In this complaint, I have now taken the matter to an external ombudsman after sending around 7-8 emails, all requesting details of the exact clause stating that the offer I saw was new customers only, and also to prove that the terms of my booking state that the upgrade cost is fixed as soon as I pay the deposit. I have never had these details given to me, instead I have simply been ‘fobbed off’ with assumed clauses – where something is done because everyone says or does it but no one knows why!
This brings me to my second point – never allow a complaint to escalate out of control. Respond to every detail of the complaint, no matter how minor and be honest about it. Honesty plays a huge role in complaint handling, if your team messed up, or if you messed up, admit it! Defending a poorly handled situation is futile, as by that point nothing can resolve it, you just have to do what you can to offer assurance that things will change.
It would be unfair for me to dispense this advice without telling you what I would do in this situation, the answer is simple and has one of two outcomes:
Provide the evidence of terms as requested, within the first email response, and explore the upgrade options with the guest to see if there were any possible alternatives that were nearer the price they were looking for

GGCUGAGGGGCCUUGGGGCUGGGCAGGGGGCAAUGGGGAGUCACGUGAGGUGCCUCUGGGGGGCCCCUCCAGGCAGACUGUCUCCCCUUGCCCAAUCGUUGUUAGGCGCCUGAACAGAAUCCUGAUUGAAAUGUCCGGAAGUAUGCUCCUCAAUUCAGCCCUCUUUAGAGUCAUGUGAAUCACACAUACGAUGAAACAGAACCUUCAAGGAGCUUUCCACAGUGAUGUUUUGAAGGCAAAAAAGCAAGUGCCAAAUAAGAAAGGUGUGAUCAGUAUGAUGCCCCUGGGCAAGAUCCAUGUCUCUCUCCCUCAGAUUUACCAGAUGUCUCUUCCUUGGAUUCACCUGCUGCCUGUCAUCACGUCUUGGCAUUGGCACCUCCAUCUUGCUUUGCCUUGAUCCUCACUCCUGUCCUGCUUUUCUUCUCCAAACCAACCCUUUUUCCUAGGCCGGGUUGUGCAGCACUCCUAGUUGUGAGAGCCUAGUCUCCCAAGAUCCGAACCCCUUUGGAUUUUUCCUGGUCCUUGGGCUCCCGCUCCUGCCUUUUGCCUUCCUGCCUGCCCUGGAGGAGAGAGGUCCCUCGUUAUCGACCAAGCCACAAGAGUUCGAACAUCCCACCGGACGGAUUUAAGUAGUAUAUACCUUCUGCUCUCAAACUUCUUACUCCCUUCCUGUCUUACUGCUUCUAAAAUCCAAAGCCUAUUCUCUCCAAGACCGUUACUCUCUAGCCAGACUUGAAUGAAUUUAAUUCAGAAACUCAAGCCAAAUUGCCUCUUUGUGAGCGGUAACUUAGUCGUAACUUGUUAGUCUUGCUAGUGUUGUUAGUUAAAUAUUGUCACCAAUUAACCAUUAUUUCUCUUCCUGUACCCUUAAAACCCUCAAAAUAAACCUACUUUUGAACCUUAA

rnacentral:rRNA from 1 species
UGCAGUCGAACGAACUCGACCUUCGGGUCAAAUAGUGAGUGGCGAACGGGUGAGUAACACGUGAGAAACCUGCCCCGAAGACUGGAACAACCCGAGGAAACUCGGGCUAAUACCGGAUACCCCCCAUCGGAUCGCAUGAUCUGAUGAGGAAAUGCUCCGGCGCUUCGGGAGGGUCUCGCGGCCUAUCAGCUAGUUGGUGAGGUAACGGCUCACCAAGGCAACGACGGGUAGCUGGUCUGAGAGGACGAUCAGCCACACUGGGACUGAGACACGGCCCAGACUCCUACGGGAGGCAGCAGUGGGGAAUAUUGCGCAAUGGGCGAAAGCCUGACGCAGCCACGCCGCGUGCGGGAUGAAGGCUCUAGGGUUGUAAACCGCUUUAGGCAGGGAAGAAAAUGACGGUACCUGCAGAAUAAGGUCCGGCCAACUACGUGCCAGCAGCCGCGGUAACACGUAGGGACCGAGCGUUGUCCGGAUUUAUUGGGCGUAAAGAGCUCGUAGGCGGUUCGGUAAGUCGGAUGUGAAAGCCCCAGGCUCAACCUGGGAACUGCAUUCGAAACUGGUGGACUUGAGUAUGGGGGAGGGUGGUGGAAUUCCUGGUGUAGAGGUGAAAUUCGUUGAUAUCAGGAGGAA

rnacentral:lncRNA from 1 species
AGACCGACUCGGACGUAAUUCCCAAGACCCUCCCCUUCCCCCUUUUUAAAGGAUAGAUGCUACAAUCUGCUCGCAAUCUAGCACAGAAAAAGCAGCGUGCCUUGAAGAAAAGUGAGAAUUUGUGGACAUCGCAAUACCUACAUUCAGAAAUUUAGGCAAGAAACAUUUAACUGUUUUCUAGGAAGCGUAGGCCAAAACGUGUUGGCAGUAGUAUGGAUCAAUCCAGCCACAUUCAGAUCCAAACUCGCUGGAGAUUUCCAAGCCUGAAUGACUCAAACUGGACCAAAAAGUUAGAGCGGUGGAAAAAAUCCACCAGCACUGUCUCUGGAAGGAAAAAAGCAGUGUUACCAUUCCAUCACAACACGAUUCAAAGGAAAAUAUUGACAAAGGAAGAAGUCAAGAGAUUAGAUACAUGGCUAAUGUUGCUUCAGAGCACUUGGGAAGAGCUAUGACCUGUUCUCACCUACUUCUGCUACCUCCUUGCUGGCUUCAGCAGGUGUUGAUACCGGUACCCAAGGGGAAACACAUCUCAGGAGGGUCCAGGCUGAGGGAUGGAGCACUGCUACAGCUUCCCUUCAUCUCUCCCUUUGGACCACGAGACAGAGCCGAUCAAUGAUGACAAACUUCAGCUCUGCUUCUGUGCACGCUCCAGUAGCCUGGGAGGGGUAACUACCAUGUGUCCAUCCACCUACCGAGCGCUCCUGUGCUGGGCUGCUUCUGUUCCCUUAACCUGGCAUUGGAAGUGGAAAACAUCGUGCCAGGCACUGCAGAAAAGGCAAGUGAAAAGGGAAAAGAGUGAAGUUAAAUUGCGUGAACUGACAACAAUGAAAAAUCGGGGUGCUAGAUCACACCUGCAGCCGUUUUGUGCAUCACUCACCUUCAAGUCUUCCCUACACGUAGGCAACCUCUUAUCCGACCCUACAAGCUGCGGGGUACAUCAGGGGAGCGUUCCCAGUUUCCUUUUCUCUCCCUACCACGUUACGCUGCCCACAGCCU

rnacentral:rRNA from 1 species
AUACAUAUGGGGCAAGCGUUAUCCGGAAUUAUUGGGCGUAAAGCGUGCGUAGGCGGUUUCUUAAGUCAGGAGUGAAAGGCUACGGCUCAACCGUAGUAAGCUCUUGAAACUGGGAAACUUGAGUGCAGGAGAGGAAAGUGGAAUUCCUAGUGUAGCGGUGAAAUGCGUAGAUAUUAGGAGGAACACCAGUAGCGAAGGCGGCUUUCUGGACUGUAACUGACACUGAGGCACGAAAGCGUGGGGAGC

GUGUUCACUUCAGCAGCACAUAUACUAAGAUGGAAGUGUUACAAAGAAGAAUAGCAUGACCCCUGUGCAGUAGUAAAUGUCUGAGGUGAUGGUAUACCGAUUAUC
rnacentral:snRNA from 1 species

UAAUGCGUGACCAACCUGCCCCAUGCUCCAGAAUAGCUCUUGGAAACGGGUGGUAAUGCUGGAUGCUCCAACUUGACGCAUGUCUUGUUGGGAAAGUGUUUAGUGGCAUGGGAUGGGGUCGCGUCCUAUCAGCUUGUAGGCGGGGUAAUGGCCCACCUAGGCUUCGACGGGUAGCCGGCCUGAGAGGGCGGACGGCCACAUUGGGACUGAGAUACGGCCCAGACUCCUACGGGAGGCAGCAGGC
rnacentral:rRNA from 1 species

Provide the upgrade at the advertised price if I cannot prove any terms exist. Holding someone to something that you cannot prove or even reference quickly, states that as a company you are inflexible, unwilling to address concerns and are utilising your market position and company size to bully your customers in to submission. Never do this as a company…ever… I really mean it! Never!
One cardinal rule for any hotel is to be flexible. If someone cannot come due to bereavement or illness, do not just cancel and forfeit the booking deposit, offer an alternative date where possible; basically show some compassion, be human, and care about your customers! As a guest, please be aware that we will try to accommodate everything we can, but do not be ridiculous with your requests (for example, booking on a promotional sale offer and asking to be upgraded to an executive suite for free is pushing it a bit far).